An academic specialist provides some much-needed definition to familiar territory.
GUEST COLUMN | by Danielle D’Alessio
Students come to class—whether it is online or at a brick-and-mortar school—with different prior knowledge, background experiences, and support systems. Adaptive learning helps educators bridge the gaps between these skill levels, but what does adaptive learning look like?
A Helpful Example
Let’s say I am a fifth-grade student and I am being presented with questions that correlate with a fifth-grade standard, but I am struggling to answer them correctly. For adaptive learning to take place, an instructor would first have to identify which foundational skill (or skills) I am missing and then help me learn the skill or skills. Once I am able to incorporate these foundational skills into my skill set, I can master the standard and move forward with my studies.
This is a tall order for teachers with large class sizes and classes with a wide range of knowledge. Many districts are turning to adaptive learning programs to both identify students’ missing foundational skills and help students learn them. There are many programs and tools—both free and paid-for—that say they aid the process.
List of Characteristics
To ensure districts, schools, and individual teachers are implementing quality tools, I compiled a list of characteristics adaptive learning tools should embody.
It creates a personalized learning pathway for each student based on their strengths and weaknesses.
An effective adaptive learning tool assesses where the entire group excels and struggles, but also where each student excels or struggles. This is the number one criteria for adaptive learning. Adaptive learning only works if you can look at each student as an individual.
It is data-driven.
The program needs to provide specific data about a student’s progress so the educator can make educational decisions about how to adapt to the student’s needs. Does a student need to be demoted or promoted in a skill area? If an educator does not base this decision on a student’s progress data, he or she could be leading the student down a pathway in which they do not belong.
The amount of data the program provides is important, too. If a program is testing a student’s skill proficiency with just one or two questions, this is not enough data to get a clear picture of needs. Students need the chance to answer more than a few questions about a particular skill before an educator can make a decision about promoting or demoting them. So how many questions is enough? In talking to educators and parents, many agree answering between seven and 10 questions is good, with 10 being the most comfortable number. It is easy to quickly say seven out of 10 is 70 percent.
It gives students a choice of how to digest new concepts.
Many tools not only identify students’ strengths and weaknesses, they provide direct instruction to help students learn the skills they are missing. However, it is crucial that students have a choice of how they get to learn this content. This includes, but is not limited to, an instructional video featuring educator walking the student through a concept, an authorized informational YouTube video, an animated breakdown of a math problem, and reading passages.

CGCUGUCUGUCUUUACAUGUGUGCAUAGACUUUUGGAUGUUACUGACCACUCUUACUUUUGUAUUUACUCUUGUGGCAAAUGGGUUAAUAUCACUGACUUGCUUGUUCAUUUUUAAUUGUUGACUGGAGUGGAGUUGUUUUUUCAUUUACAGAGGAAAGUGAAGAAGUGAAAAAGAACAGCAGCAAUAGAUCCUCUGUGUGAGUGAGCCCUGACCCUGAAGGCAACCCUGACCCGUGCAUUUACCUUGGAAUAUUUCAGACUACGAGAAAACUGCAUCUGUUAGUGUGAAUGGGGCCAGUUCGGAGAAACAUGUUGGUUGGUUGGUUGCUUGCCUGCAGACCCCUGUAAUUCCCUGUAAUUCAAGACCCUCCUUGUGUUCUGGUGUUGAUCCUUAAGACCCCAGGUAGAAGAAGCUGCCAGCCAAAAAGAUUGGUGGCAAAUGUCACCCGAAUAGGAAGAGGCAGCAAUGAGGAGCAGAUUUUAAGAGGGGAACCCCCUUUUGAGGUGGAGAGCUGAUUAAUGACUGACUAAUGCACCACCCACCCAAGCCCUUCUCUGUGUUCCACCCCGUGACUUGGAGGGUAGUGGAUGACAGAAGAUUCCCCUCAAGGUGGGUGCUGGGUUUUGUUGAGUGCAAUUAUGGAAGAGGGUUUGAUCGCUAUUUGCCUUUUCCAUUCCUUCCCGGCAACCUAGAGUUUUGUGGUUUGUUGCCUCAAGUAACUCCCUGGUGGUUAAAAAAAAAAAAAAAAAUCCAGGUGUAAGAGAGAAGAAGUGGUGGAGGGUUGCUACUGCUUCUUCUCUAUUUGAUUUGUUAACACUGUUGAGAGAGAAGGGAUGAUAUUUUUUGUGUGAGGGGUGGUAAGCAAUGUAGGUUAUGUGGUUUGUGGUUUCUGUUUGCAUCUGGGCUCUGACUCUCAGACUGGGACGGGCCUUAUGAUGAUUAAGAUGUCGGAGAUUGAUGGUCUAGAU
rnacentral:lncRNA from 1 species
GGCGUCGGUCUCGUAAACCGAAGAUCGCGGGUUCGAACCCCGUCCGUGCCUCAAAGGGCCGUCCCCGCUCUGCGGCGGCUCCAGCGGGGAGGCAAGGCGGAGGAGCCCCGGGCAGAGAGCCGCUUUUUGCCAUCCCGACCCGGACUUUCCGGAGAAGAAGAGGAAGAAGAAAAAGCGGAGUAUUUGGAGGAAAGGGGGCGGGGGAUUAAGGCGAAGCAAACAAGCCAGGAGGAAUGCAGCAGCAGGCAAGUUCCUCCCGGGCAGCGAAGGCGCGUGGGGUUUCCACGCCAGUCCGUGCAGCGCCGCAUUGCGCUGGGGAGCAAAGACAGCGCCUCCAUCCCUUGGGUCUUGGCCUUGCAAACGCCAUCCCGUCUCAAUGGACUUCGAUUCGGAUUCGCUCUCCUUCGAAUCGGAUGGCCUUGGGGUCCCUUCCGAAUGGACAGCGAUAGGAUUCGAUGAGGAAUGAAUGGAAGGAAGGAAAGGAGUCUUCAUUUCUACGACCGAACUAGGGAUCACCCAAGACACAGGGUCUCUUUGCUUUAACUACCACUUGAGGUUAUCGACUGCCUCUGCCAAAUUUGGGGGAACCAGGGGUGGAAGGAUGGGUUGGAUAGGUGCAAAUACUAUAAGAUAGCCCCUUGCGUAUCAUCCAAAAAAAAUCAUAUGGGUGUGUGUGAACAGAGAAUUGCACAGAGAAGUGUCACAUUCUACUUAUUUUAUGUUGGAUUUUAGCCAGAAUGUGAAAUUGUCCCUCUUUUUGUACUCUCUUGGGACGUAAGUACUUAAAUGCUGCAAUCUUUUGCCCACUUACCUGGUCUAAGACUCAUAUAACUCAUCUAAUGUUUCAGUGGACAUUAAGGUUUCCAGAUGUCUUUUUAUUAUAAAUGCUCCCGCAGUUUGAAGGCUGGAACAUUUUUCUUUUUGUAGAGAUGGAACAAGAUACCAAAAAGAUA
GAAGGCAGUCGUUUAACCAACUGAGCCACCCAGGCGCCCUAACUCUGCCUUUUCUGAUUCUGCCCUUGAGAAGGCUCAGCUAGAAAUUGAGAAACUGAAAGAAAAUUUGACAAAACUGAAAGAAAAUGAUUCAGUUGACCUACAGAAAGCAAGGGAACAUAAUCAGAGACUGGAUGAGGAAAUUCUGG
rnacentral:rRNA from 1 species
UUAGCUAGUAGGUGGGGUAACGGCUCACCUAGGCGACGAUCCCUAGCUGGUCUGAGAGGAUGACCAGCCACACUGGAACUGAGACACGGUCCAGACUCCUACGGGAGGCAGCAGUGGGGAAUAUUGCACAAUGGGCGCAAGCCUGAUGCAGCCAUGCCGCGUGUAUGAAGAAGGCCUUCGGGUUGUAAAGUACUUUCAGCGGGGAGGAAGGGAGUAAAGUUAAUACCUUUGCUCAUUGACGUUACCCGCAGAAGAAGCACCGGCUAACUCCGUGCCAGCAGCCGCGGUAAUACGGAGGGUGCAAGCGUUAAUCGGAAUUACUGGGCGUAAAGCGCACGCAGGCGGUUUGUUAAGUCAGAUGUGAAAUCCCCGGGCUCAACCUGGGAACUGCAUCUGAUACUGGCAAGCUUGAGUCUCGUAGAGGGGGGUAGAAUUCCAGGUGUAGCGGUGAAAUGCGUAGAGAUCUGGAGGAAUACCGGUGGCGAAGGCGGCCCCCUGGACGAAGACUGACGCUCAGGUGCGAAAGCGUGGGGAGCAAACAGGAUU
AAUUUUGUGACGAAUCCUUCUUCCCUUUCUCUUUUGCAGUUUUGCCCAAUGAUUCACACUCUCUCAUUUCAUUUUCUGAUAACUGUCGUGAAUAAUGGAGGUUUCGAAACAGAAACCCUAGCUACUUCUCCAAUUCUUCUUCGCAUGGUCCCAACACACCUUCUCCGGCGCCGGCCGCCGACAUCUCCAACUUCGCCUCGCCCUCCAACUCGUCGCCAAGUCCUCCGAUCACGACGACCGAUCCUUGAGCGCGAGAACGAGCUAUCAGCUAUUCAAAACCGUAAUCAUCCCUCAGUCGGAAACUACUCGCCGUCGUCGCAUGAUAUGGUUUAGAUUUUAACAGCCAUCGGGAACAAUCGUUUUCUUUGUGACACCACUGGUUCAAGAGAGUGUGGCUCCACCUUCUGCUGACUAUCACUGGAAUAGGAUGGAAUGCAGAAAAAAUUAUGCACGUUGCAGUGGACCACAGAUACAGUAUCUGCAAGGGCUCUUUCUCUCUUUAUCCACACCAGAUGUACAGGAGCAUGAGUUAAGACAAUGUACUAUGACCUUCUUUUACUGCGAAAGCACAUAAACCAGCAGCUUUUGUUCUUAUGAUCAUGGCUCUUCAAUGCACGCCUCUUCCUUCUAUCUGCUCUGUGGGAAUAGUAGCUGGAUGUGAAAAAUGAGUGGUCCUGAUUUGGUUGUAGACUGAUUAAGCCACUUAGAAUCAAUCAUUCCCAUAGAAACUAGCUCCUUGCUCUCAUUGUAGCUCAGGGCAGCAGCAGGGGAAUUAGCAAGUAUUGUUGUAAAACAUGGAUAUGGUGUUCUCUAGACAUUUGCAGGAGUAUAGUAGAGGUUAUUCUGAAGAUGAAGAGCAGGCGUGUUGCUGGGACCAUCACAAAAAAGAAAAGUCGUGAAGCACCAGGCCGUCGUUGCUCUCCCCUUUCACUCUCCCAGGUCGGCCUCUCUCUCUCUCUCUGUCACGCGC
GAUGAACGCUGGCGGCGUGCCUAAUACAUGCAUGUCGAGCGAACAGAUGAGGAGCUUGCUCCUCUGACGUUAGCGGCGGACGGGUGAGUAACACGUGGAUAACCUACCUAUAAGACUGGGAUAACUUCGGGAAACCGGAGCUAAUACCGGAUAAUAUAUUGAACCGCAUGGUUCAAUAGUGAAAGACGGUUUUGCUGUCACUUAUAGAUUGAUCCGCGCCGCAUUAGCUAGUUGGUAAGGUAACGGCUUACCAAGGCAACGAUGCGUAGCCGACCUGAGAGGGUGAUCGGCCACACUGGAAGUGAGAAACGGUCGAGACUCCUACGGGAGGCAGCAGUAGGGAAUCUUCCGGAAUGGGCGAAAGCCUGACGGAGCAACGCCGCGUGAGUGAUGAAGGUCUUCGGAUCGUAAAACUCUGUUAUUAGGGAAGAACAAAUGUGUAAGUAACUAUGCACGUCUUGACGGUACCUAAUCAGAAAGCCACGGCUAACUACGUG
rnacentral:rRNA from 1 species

“…it is crucial that students have a choice of how they get to learn this content.”
Allowing students to decide how they want to learn new concepts has two benefits. First, it can motivate the student. When a student gets to choose the type of direct instruction content they use, they can take ownership of their learning. Secondly, the freedom to choose allows students to rely on their strengths. Some students may be visual or auditory learners so they will most likely pick videos because video best correlates with how they learn.
The whole reason why adaptive learning is important is because not all students learn the same way or know the same information, so having different types of direct instruction is crucial for success.
Changing Perception and Practice
Sometimes parents question the new tools students use during class time or at home. To reassure parents the adaptive learning tools are helpful, first ask them to give it a chance. Giving their child some time to use the program may allow them to notice a skill their child used to struggle with is no longer an issue.
Secondly, tell parents that although it may look like all the students are starting in the same place, the tool helps them quickly branch off into many different learning paths dependent on their current knowledge and learning.
What about a teacher whose district does not provide access to an adaptive learning resource? There are resources available for free online. Before implementing, however, just ensure the resource meets the consideration listed previously.
I cannot imagine educators are not already applying the theory of adaptive learning because differentiated instruction is a very close relative. Educators provide students with formative assessments to gauge their skills gap and then group them by skill level. Adaptive learning is built off of what educators have already been doing; however, it is a more efficient way of identifying needs in real-time.
Danielle D’Alessio is a K-12 Academic Specialist at Fuel Education, a learning platform providing digital curriculum for K-12, actionable data on each student, and enabling teachers to customize content. For more than five years, Danielle was an elementary school teacher in Baltimore County Public Schools. She has a B.A.Sc., Elementary Education and Teaching from Towson University, and a Master’s in Curriculum and Instruction from Walden University. Contact her through LinkedIn.